The four in one pattern in this tutorial is probably the most simple and forgiving as far as ring size goes and you should not have many problems finding rings that will work in this weave. That website is the only chainmaille supply site I know about so you could probably find anything you may need there as well as premade rings of all types if you do not enjoy making your own or want jewlry colored wire that is saw cut to have small seams.
Hopefully I am not completely over responding to your simple question when you may already know all of this.:XD: I tend to type too much in my replies.
TehAngelsCry's avatar
TehAngelsCryProfessional Interface Designer
Thank you very much for your thorough reply :D I really did find it useful. I ended up purchasing some jumprings from that site to play around with ^_^
Terreflare's avatar
TerreflareHobbyist General Artist
Yay!:dummy: I hope you can find all kinds of fun things to make with them! I am always amazed when I look at all the different types of chainmaille and ways to make crafts. I want to buy scales from that site to make a vest, but the price goes up rather fast for such a large project. Have fun with those rings and ask if you have any basic questions and I just might know the answer to it!:XD: Most of working with chaimaille is just trial and error so playing around is a great way to learn!
TehAngelsCry's avatar
TehAngelsCryProfessional Interface Designer
Wow, yeah I can imagine x) I recently just finished some scale earrings [link] and they didn't cost me as much as I thought they would =) I still find that I get lost when I'm chainmailling though xD
Terreflare's avatar
TerreflareHobbyist General Artist
Neat, I am still saving my money to buy a whole vest of these scales. It will look beautiful, but the costs of labor and materials for large projects like a vest make it near impossible to profit off of. Still, I can not imagine a more suitable vest for a blue dragon:XD:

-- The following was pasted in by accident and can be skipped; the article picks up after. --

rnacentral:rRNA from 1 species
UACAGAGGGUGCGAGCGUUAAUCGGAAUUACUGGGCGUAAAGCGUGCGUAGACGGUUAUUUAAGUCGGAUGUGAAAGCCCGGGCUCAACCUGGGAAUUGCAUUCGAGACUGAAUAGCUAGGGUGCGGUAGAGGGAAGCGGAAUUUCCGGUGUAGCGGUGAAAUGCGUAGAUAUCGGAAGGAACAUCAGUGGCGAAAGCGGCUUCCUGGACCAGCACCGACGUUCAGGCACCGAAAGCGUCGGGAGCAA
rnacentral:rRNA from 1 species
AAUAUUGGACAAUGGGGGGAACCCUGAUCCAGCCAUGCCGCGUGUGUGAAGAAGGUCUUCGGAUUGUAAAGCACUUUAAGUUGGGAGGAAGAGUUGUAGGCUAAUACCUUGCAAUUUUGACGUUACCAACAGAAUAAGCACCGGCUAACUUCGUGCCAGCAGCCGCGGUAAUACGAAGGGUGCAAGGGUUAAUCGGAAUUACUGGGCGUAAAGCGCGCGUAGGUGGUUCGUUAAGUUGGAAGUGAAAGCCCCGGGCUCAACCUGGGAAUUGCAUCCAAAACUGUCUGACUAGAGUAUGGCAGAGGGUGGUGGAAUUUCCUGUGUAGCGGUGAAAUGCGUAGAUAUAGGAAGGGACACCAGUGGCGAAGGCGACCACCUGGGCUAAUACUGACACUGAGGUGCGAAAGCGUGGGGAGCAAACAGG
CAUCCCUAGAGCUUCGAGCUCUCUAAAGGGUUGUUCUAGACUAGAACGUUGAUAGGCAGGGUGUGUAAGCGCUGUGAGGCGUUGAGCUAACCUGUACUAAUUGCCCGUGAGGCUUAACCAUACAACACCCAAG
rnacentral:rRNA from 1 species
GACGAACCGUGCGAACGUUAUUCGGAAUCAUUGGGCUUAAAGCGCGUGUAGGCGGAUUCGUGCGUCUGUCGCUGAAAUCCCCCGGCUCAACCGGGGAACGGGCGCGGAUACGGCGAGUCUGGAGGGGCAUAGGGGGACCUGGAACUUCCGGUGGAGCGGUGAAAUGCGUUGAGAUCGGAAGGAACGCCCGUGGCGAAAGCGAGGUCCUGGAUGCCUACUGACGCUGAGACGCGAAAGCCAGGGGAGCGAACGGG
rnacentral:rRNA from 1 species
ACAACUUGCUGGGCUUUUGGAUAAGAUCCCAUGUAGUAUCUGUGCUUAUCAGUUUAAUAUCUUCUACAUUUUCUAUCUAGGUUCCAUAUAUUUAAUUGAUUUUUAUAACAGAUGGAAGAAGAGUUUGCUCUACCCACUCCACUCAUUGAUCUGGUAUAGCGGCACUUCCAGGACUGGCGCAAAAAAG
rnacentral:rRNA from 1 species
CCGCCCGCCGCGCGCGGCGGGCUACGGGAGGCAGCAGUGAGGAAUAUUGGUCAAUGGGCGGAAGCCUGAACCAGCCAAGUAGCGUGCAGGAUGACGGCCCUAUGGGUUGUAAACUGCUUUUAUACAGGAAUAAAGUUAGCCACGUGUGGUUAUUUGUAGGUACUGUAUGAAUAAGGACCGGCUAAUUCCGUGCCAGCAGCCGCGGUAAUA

College may demand all my cash now that I am being dragged through a nightmare of problems, but if I can ever find the cash you can bet I will be buying hundreds of scales!:dummy:
I am curious about them, do you find them easy to scratch, bend, or any flaws that the pictures do not show well? I plan to buy in a large bulk to save on costs so I really hope it is not disappointing in any way. If they scratch easy or lose their color then a vest worn often would look terrible after a while.:hmm: I have so many plans and so little time. I know I could make an amazing looking vest with these scales, beats the look of cheap rinestones any day!:la:
TehAngelsCry's avatar
TehAngelsCryProfessional Interface Designer
I bought the smaller scales and they certainly don't bend easily! They can be prone to scratching if you push hard enough with a sharp enough edge, otherwise they seem to not scratch much. When making my rainbow dragon earrings, I didn't scratch any - so you shouldn't have any problem!
Terreflare's avatar
TerreflareHobbyist General Artist
Well that is nice, I was worried they may be too soft. To make a cahinmaille vest from them the scales will be rubbing eachother and so I still don't know exactly if they will loose color or scratch eachother over time. Sounds like it is worth a try, I think I will be using the small scales to make the vest so this should be fun!:XD:
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DrakeTheDragon-1980's avatar
Really interesting.
Thanks for sharing this knowledge.
Terreflare's avatar
TerreflareHobbyist General Artist
Your welcome! This seems to be getting a lot of views so I hope some people have found it helpful to them. Next I need to show how this method makes shirts easy to make and size while constructing. I just wish I took pictures of those steps when I made my shirt.
Should I be slightly sad that this tutorial took minutes to make and has over three times as many views as the drawing of my dragon that took days to draw? Oh well, I should probably find groups to submit my art to so others can find it. Thanks for your comment friend! :)
anonymous's avatar